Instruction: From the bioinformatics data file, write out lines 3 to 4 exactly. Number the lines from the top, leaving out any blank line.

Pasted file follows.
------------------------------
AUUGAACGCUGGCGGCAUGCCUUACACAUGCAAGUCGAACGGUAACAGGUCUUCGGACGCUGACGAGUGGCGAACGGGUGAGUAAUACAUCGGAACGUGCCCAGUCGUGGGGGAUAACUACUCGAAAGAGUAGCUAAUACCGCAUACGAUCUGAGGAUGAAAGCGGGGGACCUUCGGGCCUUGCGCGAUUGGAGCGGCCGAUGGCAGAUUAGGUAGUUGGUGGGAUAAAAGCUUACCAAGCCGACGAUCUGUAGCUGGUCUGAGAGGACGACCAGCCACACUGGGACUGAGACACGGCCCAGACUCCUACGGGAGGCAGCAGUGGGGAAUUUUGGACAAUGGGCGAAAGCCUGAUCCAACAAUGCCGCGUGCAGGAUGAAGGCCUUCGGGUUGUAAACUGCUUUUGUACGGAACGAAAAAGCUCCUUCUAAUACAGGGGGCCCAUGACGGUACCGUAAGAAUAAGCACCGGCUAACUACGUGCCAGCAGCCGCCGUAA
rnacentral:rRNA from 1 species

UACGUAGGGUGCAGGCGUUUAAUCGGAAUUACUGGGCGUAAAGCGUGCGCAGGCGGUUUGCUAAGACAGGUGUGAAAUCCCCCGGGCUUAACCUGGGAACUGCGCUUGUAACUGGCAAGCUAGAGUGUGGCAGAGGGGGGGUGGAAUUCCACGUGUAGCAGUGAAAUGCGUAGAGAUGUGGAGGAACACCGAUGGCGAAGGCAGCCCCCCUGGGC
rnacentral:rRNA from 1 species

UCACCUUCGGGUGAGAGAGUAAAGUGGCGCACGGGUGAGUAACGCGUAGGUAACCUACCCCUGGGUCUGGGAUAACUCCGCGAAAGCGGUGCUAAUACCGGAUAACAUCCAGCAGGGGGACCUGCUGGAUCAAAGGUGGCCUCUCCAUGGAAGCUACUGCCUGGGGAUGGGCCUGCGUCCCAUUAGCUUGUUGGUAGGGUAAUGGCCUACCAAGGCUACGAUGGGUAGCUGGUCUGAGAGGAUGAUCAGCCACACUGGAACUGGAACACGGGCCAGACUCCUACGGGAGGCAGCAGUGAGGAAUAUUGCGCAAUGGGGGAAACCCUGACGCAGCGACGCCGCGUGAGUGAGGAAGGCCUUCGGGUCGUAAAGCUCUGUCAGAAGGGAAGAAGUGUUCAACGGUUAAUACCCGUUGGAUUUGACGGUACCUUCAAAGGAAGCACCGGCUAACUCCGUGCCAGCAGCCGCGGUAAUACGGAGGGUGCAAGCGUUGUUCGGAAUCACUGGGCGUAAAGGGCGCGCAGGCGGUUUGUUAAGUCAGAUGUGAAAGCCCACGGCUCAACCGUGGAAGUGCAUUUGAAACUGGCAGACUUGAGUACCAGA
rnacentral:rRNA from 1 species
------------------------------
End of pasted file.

UACGUAGGGUGCAGGCGUUUAAUCGGAAUUACUGGGCGUAAAGCGUGCGCAGGCGGUUUGCUAAGACAGGUGUGAAAUCCCCCGGGCUUAACCUGGGAACUGCGCUUGUAACUGGCAAGCUAGAGUGUGGCAGAGGGGGGGUGGAAUUCCACGUGUAGCAGUGAAAUGCGUAGAGAUGUGGAGGAACACCGAUGGCGAAGGCAGCCCCCCUGGGC
rnacentral:rRNA from 1 species